07 February 2013 21:19 [Source: ICIS news]
By Mark Milam
HOUSTON (ICIS)--As India looks to grow more food for its burgeoning population, North American potash companies are growing more interested in making a name for themselves in that market.
Canada's Canpotex announced on Thursday that it has signed an agreement to supply India with approximately 1.1m tonnes of potash at a price of $427/tonne CFR (cost & freight).
While not indentifying the buyers, the offshore marketing company for Saskatchewan potash producers said that the product is being bought by both governmental and private customers and will be shipped through January 2014. The announcement was a break in the stalemate between the North American producers and India that had caused profits to fall and led to an overabundance of stockpiles of the crop nutrient.
Canpotex officials said the deal highlights the importance of the Indian market to them, a sentiment shared by other top producers such as Minnesota-based Agrium and Alberta-based Mosiac and Saskatchewan-based PotashCorp.
“We are very pleased to sign supply contracts with our long-term Indian customers, and to continue our history of being a leading supplier to this important market,” said Steven Dechka, Canpotex president and CEO. “We look forward to meeting India’s future growing potash needs in collaboration with our Indian partners.”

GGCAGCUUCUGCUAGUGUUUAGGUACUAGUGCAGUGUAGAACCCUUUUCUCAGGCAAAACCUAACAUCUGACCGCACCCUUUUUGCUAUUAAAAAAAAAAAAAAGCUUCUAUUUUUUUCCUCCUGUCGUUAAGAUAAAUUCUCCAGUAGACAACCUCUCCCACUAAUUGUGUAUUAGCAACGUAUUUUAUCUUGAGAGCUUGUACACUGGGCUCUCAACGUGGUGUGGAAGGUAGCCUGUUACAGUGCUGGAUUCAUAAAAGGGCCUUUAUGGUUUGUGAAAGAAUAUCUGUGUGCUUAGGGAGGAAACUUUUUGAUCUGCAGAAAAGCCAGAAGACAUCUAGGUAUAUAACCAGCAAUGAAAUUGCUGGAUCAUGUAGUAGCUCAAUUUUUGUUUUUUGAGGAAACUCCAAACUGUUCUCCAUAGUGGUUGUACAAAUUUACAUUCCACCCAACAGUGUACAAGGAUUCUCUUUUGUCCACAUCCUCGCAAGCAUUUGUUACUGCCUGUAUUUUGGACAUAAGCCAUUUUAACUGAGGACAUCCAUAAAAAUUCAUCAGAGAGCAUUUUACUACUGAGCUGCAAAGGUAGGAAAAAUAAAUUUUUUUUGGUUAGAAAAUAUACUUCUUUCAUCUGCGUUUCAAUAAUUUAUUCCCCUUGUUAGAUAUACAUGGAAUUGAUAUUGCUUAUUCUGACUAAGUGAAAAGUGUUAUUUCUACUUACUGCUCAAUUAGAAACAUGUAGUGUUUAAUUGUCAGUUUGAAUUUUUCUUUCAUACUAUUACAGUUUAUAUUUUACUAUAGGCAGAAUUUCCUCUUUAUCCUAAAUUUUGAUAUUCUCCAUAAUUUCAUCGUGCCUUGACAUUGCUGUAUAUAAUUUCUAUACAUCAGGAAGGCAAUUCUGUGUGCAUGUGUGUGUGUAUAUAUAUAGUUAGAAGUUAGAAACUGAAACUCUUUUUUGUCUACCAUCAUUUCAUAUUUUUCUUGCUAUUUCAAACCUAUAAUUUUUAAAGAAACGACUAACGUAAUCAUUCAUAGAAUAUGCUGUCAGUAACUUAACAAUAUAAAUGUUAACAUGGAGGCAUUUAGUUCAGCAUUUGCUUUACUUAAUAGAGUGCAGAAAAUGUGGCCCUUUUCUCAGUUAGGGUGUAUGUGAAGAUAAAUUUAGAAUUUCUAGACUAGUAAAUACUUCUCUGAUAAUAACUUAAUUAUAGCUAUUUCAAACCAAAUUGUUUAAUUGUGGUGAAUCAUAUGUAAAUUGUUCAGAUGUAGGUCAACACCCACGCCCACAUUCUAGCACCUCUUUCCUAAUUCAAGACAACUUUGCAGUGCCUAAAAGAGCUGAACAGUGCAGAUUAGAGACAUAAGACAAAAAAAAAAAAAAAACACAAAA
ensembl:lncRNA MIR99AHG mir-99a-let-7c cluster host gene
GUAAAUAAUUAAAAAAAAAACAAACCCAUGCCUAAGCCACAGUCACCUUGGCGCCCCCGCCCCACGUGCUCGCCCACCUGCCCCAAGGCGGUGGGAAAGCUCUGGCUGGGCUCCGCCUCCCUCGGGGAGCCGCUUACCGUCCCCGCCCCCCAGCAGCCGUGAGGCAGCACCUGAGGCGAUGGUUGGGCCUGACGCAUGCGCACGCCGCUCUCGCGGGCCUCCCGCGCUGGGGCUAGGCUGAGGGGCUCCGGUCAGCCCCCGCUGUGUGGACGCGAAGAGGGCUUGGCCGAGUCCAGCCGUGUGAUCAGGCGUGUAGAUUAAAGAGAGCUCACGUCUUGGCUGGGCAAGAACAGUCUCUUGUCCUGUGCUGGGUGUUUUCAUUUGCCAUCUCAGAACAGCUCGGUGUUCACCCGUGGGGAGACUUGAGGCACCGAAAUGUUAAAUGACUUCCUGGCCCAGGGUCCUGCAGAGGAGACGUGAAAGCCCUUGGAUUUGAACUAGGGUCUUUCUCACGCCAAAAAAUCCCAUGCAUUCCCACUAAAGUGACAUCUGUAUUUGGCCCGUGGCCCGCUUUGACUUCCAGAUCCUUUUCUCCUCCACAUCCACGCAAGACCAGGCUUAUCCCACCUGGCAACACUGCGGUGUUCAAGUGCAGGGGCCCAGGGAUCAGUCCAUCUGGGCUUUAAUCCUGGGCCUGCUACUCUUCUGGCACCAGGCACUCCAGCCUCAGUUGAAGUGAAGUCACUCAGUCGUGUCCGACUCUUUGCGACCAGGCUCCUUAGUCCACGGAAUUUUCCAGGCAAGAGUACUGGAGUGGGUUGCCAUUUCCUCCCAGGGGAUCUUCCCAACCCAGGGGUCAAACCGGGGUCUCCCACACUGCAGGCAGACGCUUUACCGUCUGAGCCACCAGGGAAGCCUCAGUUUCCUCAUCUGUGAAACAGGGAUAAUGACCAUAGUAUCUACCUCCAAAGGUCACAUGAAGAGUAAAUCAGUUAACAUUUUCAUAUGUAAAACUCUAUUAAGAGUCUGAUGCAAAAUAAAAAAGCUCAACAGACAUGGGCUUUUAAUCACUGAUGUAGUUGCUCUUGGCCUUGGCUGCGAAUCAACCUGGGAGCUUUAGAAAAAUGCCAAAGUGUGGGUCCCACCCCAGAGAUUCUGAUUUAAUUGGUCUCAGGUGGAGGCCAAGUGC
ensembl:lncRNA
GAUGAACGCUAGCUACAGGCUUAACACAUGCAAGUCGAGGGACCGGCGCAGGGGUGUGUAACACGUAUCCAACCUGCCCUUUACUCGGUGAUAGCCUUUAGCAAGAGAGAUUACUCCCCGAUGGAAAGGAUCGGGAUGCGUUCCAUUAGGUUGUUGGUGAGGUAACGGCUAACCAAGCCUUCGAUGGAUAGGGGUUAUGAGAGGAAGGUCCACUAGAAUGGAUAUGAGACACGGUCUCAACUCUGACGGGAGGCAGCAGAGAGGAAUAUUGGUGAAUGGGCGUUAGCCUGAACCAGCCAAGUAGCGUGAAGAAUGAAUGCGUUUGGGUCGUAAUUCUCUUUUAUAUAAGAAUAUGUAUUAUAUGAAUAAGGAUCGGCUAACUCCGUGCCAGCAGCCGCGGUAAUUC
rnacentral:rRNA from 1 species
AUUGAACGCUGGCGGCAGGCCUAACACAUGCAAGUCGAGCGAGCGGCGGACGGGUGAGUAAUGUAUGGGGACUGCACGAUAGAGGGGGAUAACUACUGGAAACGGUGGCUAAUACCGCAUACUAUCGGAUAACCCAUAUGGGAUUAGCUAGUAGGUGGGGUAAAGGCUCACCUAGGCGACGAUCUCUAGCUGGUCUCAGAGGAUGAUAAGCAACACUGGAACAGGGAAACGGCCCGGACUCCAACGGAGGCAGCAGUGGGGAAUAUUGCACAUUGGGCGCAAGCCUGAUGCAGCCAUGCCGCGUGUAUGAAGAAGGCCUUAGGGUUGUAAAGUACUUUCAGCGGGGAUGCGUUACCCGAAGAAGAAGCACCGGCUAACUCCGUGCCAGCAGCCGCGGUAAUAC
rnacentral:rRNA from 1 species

Dechka said that beyond the supplying of potash, the company is committed to assist its customer base in India by adding new development programmes designed to provide farmers with the resources to better utilise the fertilizer and thereby improving overall yields.
The agreement is the second major potash deal to be announced this week, as on Wednesday trading company Belarusian Potash Company (BPC) agreed to ship 1m tonnes of potash to fertilizer importer Indian Potash from February 2013 through January 2014. The delivery price on that contract was set at $427/tonne CFR. In January, BPC also signed agreements with importers in China at a price of $400/tonne CFR.
While the India market is not the major source of revenue for the marketing group, the pricing agreement is important, as prices in India and China typically set the basis for the global market and influence future spot buying.
In a conference call with media and analysts last week, PotashCorp officials said that, thanks to government subsidies, customers in India have actually being paying less for potash over the last several years, but imports have still decreased.
“India has a system of subsidies that distorts its domestic fertilizer market, putting a higher priority on nitrogen over the scientifically proven need for balanced crop nutrition," said William J. Doyle, PotashCorp CEO. "Some have suggested that the current contracts impasse is due to high global prices for potash, which have caused demand destruction, but the numbers simply don’t bear that out. Since 2008, the price India pays for potash has declined 22%, while the average price it pays for urea is down 16%.”
Doyle said PotashCorp, which has projected its 2013 market share in India at 5m tonnes, was encouraged by signs that the private sector was starting to realize the need for potash as an important part of increasing food production and a step toward reversing past practices of poor fertility.
“They know the nutritional requirements of over 200m Indians are simply not being met," he said. "We believe this mounting pressure, coupled with the engagement of other key markets, including China, will provide an incentive for the Indian government to address its fertilizer policy and stimulate farmer engagement in 2013.”
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